What A Federal Law Can Tell You About Your Society

Earlier this month Congress passed, and President Obama signed, the Every Student Succeeds Act, a massive piece of federal education legislation that replaces the No Child Left Behind Act.  Buried deep in the bill is a “free range kids” provision that reads:

“…nothing in this Act shall…prohibit a child from traveling to and from school on foot or by car, bus, or bike when the parents of the child have given permission; or expose parents to civil or criminal charges for allowing their child to responsibly and safely travel to and from school by a means the parents believe is age appropriate.”

istock_000000823936medium-e1359581892173I’m not sure that the provision means all that much, because it’s simply clarifying that the federal law itself doesn’t bar kids walking to school or support charges against parents who allow that to happen.  The law does not preempt state or local laws, however, so parents who let their kids walk or ride their bikes to school could still be subject to harassment and prosecution under local ordinances or state statutes.

Advocates for “free range” parenting, though, think the free range kids provision is a victory.  Color me skeptical.  Instead, the provision seems to say that we’ve reached the point that the federal government needs to specify that its enactments aren’t interfering with basic parenting decisions, like whether your kids are capable of walking to school by themselves, as UJ and Cath and I did for years, or playing outside alone, without hovering parents or social workers controlling everything they do.  Responsible parents — like my mother and father — can properly decide when their kids are self-sufficient enough to do so, and can reasonably conclude that allowing their children to play or walk or bicycle by themselves builds self-reliance and responsibility.  Yet parents who allow their kids to walk to school or play in a park are still being subjected to harassment by local authorities, who obviously think they know better than the parents do.

This is one of the moments, I think, when we should stop and consider what our government has become.  Are we at the point when we need to include a provision in every sweeping piece of federal legislation stating that it isn’t intended to criminalize basic parenting decisions?  That’s bizarre, and sad.

Walking To School

According to this story, a California school district currently bars students from walking or riding their bikes to elementary school or middle school. Although the news article is not entirely clear, it appears that the school district decided that the road that kids would take to get to school was just too busy and, therefore, dangerous. This kind of news story is pathetic — although not particularly surprising in this era of paternalistic government — because it shows how weak, lazy, and risk-averse America has become. And we wonder why we have a problem with child obesity!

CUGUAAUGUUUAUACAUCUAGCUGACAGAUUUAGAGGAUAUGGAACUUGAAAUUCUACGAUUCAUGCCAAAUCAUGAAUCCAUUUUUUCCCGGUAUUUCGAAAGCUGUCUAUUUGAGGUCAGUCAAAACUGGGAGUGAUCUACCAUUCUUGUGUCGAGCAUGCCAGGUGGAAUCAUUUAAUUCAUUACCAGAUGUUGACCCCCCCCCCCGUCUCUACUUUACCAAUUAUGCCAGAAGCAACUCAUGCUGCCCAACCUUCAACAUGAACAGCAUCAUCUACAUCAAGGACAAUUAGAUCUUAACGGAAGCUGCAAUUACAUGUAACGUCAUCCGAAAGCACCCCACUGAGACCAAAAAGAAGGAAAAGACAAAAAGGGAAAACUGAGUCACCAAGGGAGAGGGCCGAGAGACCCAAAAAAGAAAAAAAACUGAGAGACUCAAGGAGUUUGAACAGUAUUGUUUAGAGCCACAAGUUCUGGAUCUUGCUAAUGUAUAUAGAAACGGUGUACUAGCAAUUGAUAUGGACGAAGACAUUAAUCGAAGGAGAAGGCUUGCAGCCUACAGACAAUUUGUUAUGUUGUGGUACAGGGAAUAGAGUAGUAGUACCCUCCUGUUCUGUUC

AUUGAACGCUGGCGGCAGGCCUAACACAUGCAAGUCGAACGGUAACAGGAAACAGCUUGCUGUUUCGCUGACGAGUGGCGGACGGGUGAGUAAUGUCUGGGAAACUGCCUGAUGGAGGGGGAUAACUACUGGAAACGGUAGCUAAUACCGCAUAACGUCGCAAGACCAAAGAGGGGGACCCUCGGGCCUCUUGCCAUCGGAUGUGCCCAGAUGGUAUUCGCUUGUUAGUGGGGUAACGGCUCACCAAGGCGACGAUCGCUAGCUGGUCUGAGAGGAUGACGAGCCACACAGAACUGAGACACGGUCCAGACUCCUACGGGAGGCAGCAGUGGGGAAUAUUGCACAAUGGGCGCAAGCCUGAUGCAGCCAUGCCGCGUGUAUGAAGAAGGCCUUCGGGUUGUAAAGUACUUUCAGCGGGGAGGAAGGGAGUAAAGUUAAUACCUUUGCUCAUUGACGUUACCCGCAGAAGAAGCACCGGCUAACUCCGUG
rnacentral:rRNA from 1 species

Rankin Elementary School in Akron, Ohio

Rankin Elementary School in Akron, Ohio

In the early 1960s, when I first started going to school in Akron, Ohio, UJ and I walked to school every day, from our house on Orlando Avenue to Rankin Elementary School on Storer Avenue. We would turn right out the front door and walk to the end of the block, turn left on Delia Avenue, then walk 11 blocks down Delia Avenue to Storer, where we turned right for a few blocks and then crossed the street to Rankin. We walked that route rain or shine, snow or sleet. On some days Mom would tell us that we were to go to Gramma and Grampa Neal’s house for lunch and we would walk the six blocks from Rankin to their home on Dorchester Road over the lunch period; on other days we were to go to Gramma and Grampa Webner’s home and we would walk the six blocks from Rankin to their house on Emma Avenue.

Perhaps Mom worried about us as we took our walks, but I doubt it. Walking to school was just an accepted part of the day; it was something that everybody did. For a kid, too, it was a time of freedom and high adventure to be savored. You were on your own.

The spiny outer covering of buckeyes

The spiny outer covering of buckeyes

You hustled on the way to school to make sure you weren’t tardy, but the walk home was a bit more leisurely. There would be interesting places to examine, and things to do. On the route back home from Rankin, for example, there was a triangular “island” in the middle of an intersection, and at each corner of the island there was a large buckeye tree. UJ and I called it “Buckeye Island,” and on the way home on a crisp fall day we might stop to see if buckeyes had fallen. We would try to pry open their tough and spiny outer covering and see if we could find a nut or two worth polishing to a brilliant dark shine.

A polished buckeye

A polished buckeye

Sometimes, as we gathered our nuts, older bullies would come up and take the best nuts from us, and we would have to get out of there. But, really, what did we care? They were just nuts. The important thing was that we were on our own, making our own decisions, and the prospect of bullies just heightened the sense of excitement and fun.

Why would any school district want to deprive kids of that kind of experience? Why would any parents be so protective that they wouldn’t want their children to feel that sense of freedom? Why wouldn’t any community demand an environment where their children could walk to school without fear of anything more threatening than a fifth-grade bully?